“[T]he answer is not to attack tourism. Everyone is a tourist at some point in their life. Rather, we have to regulate the sector, return to the traditions of local urban planning, and put the rights of residents before those of big business.”

To Colau, combatting noise pollution as a proxy for tourism is not the right thing to do. That perspective villainizes a central part of the city’s economy, and one that keeps the city diverse, inclusive, and open. A campaign against tourism could have adverse effects in perpetuating localism to an extent that elides hospitality for visitors altogether.

So, does raising awareness of noise pollution help toward regulating it? Is there a way to do so that doesn’t alienate the tourism industry but placates locals and restores some peace of mind?

These are, indeed, difficult questions to answer, and I am not convinced that we will be able to answer them. However, a technological solution to enable people to measure sound pollution to create evidence for environmental issues for themselves might be one step in the right direction.

City Safari: A Rapid Ethnography of Barceloneta, El Barrio Born, y el Distrito Gótico

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Anti-tourism flags map, Barcelona (Image credit: Lily Bui)

In Barcelona, many people hang flags on their balconies as a form of expression – of their identity, geography, and politics. Walking through a typical neighborhood, you may see the Catalan flag, Barcelona flag, or the Spanish flag hung above.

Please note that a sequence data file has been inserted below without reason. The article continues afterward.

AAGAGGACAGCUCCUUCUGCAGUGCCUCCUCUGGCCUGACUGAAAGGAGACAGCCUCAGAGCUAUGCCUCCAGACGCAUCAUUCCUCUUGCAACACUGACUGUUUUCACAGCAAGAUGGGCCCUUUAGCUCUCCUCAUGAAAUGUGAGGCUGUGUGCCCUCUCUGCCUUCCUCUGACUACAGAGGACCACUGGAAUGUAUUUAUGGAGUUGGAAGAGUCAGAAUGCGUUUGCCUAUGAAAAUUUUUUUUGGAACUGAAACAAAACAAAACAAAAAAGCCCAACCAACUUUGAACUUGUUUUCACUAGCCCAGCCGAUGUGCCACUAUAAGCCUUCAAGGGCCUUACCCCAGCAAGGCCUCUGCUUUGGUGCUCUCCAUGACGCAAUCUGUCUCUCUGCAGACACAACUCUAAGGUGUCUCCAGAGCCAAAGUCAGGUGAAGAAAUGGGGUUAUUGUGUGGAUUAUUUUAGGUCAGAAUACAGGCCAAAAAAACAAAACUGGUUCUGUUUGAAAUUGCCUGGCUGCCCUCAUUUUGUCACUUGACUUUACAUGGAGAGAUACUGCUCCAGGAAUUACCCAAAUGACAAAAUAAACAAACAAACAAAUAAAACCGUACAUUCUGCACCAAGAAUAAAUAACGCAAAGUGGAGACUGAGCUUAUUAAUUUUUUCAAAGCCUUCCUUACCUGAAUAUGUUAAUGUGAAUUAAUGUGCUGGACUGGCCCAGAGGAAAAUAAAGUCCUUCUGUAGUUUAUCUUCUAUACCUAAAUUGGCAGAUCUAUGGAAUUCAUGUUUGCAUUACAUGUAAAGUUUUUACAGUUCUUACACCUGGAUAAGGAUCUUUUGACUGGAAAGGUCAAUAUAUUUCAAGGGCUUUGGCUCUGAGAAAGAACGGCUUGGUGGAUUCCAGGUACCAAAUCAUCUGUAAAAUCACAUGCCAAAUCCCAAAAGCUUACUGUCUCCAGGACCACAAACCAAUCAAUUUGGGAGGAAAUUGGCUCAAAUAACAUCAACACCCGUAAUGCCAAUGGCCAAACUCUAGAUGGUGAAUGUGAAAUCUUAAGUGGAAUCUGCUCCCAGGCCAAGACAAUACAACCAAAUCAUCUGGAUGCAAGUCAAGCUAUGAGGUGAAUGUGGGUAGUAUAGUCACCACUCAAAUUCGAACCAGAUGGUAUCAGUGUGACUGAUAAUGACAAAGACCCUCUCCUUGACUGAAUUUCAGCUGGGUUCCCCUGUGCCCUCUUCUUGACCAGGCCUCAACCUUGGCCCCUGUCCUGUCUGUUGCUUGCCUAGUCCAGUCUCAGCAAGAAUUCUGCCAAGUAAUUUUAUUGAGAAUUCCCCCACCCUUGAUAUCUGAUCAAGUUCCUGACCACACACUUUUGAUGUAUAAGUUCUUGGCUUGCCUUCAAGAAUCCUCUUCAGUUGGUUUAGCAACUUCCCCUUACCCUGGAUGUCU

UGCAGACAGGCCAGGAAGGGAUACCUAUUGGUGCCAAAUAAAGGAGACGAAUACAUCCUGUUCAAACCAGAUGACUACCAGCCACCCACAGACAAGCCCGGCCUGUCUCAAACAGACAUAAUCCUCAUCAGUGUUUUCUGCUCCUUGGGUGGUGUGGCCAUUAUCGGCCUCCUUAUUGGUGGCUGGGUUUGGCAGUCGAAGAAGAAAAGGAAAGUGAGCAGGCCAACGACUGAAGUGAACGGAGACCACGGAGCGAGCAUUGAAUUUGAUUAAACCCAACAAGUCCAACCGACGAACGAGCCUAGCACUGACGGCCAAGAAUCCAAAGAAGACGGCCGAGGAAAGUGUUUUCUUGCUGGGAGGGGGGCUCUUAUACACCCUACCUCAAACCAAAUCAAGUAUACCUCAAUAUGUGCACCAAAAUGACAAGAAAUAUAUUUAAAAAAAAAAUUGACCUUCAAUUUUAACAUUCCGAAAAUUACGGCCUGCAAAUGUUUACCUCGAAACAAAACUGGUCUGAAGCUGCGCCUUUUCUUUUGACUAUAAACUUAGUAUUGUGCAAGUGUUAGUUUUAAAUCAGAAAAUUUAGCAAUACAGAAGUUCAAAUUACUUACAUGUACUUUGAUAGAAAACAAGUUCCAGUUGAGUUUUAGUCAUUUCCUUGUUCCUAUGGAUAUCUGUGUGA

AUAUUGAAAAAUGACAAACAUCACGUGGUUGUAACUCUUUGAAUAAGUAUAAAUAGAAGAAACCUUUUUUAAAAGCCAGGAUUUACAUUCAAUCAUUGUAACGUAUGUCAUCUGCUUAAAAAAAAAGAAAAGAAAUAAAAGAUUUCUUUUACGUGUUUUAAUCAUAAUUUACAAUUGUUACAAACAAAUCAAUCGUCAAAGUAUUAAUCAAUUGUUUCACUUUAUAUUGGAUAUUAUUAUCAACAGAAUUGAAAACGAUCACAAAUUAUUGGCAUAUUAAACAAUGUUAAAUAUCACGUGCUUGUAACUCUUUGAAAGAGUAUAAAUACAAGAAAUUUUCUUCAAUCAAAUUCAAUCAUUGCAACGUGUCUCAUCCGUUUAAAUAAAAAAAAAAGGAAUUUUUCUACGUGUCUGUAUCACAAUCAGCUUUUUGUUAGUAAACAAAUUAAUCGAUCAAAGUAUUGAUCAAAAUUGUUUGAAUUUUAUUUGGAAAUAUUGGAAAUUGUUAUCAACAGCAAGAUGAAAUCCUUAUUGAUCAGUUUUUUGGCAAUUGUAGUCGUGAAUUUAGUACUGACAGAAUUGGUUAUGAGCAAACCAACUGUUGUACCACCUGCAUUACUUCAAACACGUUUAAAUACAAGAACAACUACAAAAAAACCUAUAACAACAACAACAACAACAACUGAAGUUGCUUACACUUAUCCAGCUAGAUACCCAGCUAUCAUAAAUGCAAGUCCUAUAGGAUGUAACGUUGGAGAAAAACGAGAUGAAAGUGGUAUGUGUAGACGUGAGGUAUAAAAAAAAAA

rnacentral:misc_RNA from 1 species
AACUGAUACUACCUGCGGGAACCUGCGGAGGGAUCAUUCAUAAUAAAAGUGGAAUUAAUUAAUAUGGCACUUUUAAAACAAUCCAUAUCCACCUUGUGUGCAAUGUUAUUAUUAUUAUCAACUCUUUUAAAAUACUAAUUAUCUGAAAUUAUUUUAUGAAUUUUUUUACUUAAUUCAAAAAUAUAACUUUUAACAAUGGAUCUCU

In recent years, local residents of Barcelona have used flags to begin communicating something else: discontent and frustration. The exponential rise in tourism in the city, leading back to the 1992 Olympic Games in Barcelona, has transformed previously quiet neighborhoods into overcrowded, loud ones; raised property values for local residents; and posed a cultural threat to the Barcelona way of life.

So, in order to express their discontent, some citizens have used their balconies as a medium for protest and activism against the massification of tourists in their neighborhoods. By hanging flags with messages against tourism, residents signal disapproval of current conditions in the city. For example, the flag below says, in Catalán, “No more terraces, no more noise.” Locals often complain of excessive noise pollution caused my late-night tourist traffic in mixed-use commercial and residential district in bars, restaurants, and clubs. The terraces also refer to the number of outdoor tables there are in front of restaurants; in general, the more there are, the more people are likely to come and socialize there, causing more noise.


Anti-tourism flags on Barcelona balconies (Image credit: Lily Bui)

Since the SmartCitizen sensor kit also measures noise pollution in decibels (dB), being able to understand the context of noise pollution as a social problem is extremely important. Before a big team meeting this week, our project manager sent me out on a city safari to do some ethnographic data collection about these visual complaints. I used photography as a form of inquiry into how these flags were being used, which neighborhoods they showed up in, and how frequently they could be spotted.